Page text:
Shutdowns only reduced the COVID-19 death rate by 0.2%, the study shows: ‘Lockdowns should be rejected outright’
Shutdowns only reduced the COVID-19 death rate by 0.2%, the study shows: ‘Lockdowns should be rejected outright’

Shutdowns only reduced the COVID-19 death rate by 0.2%, the study shows: ‘Lockdowns should be rejected outright’

Lockdowns during the first COVID-19 wave in the spring of 2020 only reduced COVID-19 mortality by 0.2% in the US and Europeaccording to a Johns Hopkins University meta-analysis of several studies.

“While this meta-analysis concludes that lockdowns have had little or no publicity health effects they have inflicted enormous economic and social costs where they have been adopted, “the researchers wrote.” As a consequence, lockdown policies are ill-founded and should be rejected as a pandemic policy instrument. “

The researchers – Johns Hopkins University economics professor Steve Hanke, Lund University economics professor Lars Jonung, and special adviser at the Copenhagen Center for Political Studies Jonas Herby – analyzed the effects of lockdown measures such as school closures, corporate closures and mask mandates on COVID-19 deaths.

“We find little or no evidence that mandated shutdowns in Europe and the United States had a significant effect on COVID-19 mortality,” wrote researchers.

A man crosses an empty highway during a complete roadblock amid growing concern about coronavirus on March 24, 2020.
(AP Photo / Altaf Qadri)

The researchers also examined ly-in-place orders and found that they reduced COVID-19 mortality by 2.9%.

Studies that looked only at shelter-in-place orders showed that they reduced COVID-19 mortality by 5.1%, but studies that looked at shelter-in-place orders along with other lockdown measures, showed that shelter-in-place orders actually increased COVID-19 mortality by 2.8%.

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The researchers concluded that restriction of assemblies may actually have increased COVID-19 mortality.

“[Shelter-in-place orders] “can isolate an infected person at home with his / her family, where he / she risks infecting family members with a higher amount of virus, which causes more serious illness,” the researchers wrote.

“But often lockdowns have restricted people’s access to safe (outdoor) places such as beaches, parks and zoos, or included outdoor mask mandates or strict outdoor gathering restrictions that force people to meet in less safe (indoor) places.”

The researchers also examined studies that focused on specific lockdown measures and found that the only intervention that reduced COVID-19 mortality was the closure of unnecessary businesses, which reduced mortality by 10.6%, but this effect was probably driven by the closure of bars.

A man living on the street shows what he says is the synthetic drug fentanyl in the Tenderloin section of San Francisco, California.

A man living on the street shows what he says is the synthetic drug fentanyl in the Tenderloin section of San Francisco, California.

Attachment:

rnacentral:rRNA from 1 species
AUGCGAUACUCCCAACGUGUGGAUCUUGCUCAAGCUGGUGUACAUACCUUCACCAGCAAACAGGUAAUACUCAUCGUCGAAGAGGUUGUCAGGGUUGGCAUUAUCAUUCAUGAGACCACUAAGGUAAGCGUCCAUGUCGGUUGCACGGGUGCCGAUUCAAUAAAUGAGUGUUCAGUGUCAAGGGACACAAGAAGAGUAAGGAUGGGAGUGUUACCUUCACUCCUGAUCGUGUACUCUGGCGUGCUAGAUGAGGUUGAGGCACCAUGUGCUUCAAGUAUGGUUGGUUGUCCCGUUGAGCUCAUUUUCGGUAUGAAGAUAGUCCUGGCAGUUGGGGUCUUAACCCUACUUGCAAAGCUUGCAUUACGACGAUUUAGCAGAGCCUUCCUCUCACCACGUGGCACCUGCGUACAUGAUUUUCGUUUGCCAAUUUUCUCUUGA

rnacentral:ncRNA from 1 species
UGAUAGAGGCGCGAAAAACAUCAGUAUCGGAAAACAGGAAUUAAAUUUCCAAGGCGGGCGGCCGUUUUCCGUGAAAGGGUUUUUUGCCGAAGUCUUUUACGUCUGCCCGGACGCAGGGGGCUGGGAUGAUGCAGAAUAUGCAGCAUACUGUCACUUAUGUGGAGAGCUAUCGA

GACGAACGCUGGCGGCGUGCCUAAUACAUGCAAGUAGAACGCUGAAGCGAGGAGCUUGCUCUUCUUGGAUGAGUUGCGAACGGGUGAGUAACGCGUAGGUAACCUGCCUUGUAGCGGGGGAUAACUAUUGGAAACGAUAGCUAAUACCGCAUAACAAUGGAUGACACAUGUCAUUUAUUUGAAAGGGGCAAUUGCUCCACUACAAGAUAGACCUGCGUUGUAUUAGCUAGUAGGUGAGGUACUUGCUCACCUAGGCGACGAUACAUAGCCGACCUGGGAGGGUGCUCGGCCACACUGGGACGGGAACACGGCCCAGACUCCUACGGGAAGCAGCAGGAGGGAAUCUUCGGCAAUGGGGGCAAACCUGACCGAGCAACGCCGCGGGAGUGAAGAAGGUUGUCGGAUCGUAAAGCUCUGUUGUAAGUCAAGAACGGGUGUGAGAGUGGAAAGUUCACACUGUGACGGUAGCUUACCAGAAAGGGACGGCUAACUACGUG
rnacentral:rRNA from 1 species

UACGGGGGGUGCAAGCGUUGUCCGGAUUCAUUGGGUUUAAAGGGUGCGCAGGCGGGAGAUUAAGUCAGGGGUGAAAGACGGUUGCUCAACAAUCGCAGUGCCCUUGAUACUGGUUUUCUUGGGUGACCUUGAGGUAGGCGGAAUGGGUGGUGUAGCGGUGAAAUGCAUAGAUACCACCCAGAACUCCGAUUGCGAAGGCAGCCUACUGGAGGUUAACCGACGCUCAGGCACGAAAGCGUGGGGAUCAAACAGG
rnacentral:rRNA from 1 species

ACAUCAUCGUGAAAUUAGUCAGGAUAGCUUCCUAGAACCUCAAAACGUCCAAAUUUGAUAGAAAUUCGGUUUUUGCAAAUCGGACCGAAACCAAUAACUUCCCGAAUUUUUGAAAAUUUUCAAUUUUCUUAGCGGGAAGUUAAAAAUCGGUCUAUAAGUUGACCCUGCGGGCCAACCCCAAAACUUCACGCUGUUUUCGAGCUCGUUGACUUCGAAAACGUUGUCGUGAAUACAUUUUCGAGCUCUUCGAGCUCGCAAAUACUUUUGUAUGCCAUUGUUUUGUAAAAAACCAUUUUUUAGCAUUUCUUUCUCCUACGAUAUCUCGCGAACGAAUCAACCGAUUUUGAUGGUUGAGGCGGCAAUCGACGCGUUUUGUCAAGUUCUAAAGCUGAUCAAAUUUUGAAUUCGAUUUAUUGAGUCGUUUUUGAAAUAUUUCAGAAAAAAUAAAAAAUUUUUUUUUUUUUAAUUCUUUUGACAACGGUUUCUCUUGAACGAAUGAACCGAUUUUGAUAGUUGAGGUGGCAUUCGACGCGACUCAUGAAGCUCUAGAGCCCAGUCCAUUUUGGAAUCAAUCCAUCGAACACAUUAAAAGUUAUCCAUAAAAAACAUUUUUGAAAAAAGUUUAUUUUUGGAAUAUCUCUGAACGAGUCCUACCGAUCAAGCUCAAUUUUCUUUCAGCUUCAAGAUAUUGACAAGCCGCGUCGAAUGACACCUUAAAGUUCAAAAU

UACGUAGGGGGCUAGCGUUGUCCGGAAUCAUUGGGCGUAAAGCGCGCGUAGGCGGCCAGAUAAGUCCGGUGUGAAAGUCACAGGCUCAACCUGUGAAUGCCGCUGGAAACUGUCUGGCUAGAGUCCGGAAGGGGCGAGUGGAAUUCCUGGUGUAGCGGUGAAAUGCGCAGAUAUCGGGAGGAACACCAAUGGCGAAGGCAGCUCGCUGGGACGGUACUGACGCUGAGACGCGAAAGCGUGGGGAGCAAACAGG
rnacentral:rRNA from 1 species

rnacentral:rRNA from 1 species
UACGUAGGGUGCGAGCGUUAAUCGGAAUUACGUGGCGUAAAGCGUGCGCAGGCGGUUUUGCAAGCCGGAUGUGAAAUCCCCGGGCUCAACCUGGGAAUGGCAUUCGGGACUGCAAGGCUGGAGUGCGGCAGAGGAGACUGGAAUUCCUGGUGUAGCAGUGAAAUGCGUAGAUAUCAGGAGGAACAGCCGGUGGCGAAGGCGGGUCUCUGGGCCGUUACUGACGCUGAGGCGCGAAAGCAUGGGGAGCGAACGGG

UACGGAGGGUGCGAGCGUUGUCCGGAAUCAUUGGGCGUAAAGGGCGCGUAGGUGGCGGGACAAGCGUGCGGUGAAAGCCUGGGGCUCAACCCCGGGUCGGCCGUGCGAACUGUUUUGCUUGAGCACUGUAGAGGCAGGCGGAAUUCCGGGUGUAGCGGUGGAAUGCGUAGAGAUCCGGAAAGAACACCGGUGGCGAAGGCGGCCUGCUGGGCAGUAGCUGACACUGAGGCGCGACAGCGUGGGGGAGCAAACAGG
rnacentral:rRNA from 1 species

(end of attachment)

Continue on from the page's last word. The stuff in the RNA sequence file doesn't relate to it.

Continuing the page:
(Reuters / Shannon Stapleton)

Researchers also pointed to other unintended consequences of shutdowns, such as rising unemployment, reduced schooling, an increase in domestic violence and rising drug overdoses.

From May 2020 to April 2021, USA recorded 100,306 overdose deathsan increase of 28.5% from the 78,056 deaths recorded in the previous 12-month period, according to CDC data.

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A study by the National Commission on COVID-19 and Criminal Justice found last year that domestic violence rose 8.1% in the United States after lockdown orders were issued.

A sign taped to the front door of the Pulaski International School of Chicago reads: 'School Closed', after Chicago Public Schools, the country's third largest school district, said they would cancel classes.

A sign taped to the front door of the Pulaski International School of Chicago reads: ‘School Closed’, after Chicago Public Schools, the country’s third largest school district, said they would cancel classes.
(REUTERS / Jim Vondruska)

About 97% of American teachers said their students have experienced learning loss during the coronavirus pandemic, according to a Horace Mann study last year.

Unemployment peaked nationally at 14.8% in April 2020, however fell to 3.9% in December, which is still slightly higher than the 3.5% rate it was at in February 2020.

“These costs to society must be compared to the benefits of lockdowns, which our meta-analysis has shown are marginal at best,” wrote the researchers in the Johns Hopkins University study.

“Such a standard-benefit-cost calculation leads to a strong conclusion: lockdowns should be dismissed outright as a pandemic policy instrument.”

The President of the United States, Joe Biden, comments on the administration's response to the increase in coronavirus in the South Court Auditorium of the White House in Washington, USA, on January 13, 2022.

The President of the United States, Joe Biden, comments on the administration’s response to the increase in coronavirus in the South Court Auditorium of the White House in Washington, USA, on January 13, 2022.
(REUTERS / Kevin Lamarque / File Photo)

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President Biden has promised to focus on testing and vaccinations to mitigate the spread of COVID-19 instead of the lockdowns that characterized the earlier part of the pandemic.

“It does not include shutdowns or shutdowns, but widespread vaccinations and boosters and testing of much more,” Biden said in December about his winter plans to fight the pandemic.

Several cities and states around the country still have mask mandates, distance learning and other measures in place.

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